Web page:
What are spiritual gifts? Though Paul lists some of these gifts in Romans 12, Ephesians 4 and 1 Corinthians 12, these lists are not exhaustive (even as the fruit of the Spirit list in Gal. 5:22-23 is not exhaustive). God anoints and empowers even our natural talents and any action we take to please and glorify Him by serving people, the lost (through witnessing and evangelism) and saved. “ Whatever you do, do your work heartily, as for the Lord rather than for men, 24 knowing that from the Lord you will receive the reward of the inheritance. It is the Lord Christ whom you serve.” (Col. 3:23-24)“Whether, then, you eat or drink or whatever you do, do all to the glory of God.” (1 Cor. 10:31) Taking a spiritual gifts test may be helpful but generally we find our gifts out of our desire to love God and people by meeting spiritual and practical needs we see and desire to meet. “Delight yourself in the Lord; And He will give you the desires of your heart.” (Psalm 37:4)
Below is an excellent and comprehensive teaching on the gifts of the Spirit by my friend and mentor Dr. Ken Boa. I will hit the highlights of this teaching in our meeting but encourage you to read it thoroughly and answer the questions at the end. I have attached a spiritual gifts test that you can use to find and/or affirm the gifts God has given you. If you use this it would be helpful to discuss the results with someone who knows you well and sees you use your gifts and/or the gifts you may feel led to begin using as a result of this test.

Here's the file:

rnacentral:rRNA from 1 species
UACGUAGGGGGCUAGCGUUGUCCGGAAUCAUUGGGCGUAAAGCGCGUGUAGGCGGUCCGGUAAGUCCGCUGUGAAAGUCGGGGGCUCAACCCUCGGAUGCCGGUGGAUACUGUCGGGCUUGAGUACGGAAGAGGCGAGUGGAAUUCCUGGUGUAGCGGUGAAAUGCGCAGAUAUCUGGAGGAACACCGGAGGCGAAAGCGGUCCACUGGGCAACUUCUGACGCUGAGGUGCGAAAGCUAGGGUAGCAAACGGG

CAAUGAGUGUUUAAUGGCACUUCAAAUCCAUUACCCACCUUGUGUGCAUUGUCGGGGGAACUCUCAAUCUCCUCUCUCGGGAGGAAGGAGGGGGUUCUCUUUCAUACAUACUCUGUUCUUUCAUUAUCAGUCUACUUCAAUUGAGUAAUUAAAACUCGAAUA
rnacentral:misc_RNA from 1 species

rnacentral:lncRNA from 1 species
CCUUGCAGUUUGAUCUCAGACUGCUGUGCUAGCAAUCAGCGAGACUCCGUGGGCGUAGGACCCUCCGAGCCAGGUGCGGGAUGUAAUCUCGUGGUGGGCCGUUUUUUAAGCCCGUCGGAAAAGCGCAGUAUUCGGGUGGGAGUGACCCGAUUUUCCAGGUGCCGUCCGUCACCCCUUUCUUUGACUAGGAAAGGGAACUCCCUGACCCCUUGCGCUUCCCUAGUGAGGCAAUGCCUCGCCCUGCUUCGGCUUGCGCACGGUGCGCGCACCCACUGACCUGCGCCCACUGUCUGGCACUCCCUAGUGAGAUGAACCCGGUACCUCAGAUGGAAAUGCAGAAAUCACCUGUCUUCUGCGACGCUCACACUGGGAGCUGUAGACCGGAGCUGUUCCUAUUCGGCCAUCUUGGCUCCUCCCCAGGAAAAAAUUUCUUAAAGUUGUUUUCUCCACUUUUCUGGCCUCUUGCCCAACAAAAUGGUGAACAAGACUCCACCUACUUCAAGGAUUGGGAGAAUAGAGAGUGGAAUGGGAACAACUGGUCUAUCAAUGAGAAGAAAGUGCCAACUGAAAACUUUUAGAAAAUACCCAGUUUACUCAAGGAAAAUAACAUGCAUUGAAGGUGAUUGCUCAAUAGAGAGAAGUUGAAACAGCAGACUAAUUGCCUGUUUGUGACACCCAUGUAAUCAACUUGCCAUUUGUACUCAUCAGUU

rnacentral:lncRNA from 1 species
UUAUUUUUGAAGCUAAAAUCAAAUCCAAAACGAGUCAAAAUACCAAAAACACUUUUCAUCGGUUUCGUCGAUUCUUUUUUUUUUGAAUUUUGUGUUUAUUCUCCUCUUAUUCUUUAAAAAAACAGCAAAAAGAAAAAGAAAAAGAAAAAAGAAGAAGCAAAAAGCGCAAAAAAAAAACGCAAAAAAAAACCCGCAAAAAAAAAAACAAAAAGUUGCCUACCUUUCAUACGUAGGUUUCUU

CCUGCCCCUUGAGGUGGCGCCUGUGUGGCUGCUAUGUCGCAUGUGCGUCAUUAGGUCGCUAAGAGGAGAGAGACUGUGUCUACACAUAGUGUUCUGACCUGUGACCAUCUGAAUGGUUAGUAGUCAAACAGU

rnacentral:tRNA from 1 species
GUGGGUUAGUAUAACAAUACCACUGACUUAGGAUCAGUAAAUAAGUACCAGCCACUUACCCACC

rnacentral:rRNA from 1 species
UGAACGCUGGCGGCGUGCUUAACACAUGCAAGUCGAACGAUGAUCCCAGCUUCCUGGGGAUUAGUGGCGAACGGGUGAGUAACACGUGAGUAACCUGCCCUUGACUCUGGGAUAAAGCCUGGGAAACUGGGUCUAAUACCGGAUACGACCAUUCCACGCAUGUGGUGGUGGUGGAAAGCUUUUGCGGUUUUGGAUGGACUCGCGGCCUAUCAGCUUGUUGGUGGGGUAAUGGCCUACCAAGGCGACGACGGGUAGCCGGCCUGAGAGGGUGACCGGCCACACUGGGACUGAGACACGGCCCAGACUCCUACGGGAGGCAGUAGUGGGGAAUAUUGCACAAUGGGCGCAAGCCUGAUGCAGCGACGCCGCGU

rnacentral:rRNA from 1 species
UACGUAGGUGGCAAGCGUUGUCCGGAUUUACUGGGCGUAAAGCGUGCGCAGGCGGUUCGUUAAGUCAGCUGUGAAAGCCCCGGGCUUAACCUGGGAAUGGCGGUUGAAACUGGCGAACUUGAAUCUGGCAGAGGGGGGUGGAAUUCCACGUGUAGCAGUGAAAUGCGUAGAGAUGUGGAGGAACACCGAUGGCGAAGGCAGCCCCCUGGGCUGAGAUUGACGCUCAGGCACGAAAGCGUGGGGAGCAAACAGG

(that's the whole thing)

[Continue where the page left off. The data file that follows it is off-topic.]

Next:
The Gifts of the Spirit
This material has been adapted from the Spirit-filled Spirituality facet in my book, Conformed to His Image.
1. Write out your own definition of a spiritual gift.
2. How do spiritual gifts relate to the unity and diversity of the body of Christ?
3. What is the difference between spiritual gifts and the fruit of the Spirit?
4. What is the difference between spiritual gifts and natural talents?
5. List the three principle reasons for discovering and developing your spiritual gifts.
6. Do you fulfill the three prerequisites for discovering your spiritual gifts? What are the six steps for
discovering your gifts? How far have you moved in this process?
7. Go through the description of each of the spiritual gifts and ask these diagnostic questions as you do
a. Do I have a strong sense of concern in this area?
b. Is this something I would enjoy doing?
c. Have I shown any ability in this area?
d. Have others given me positive feedback in this area?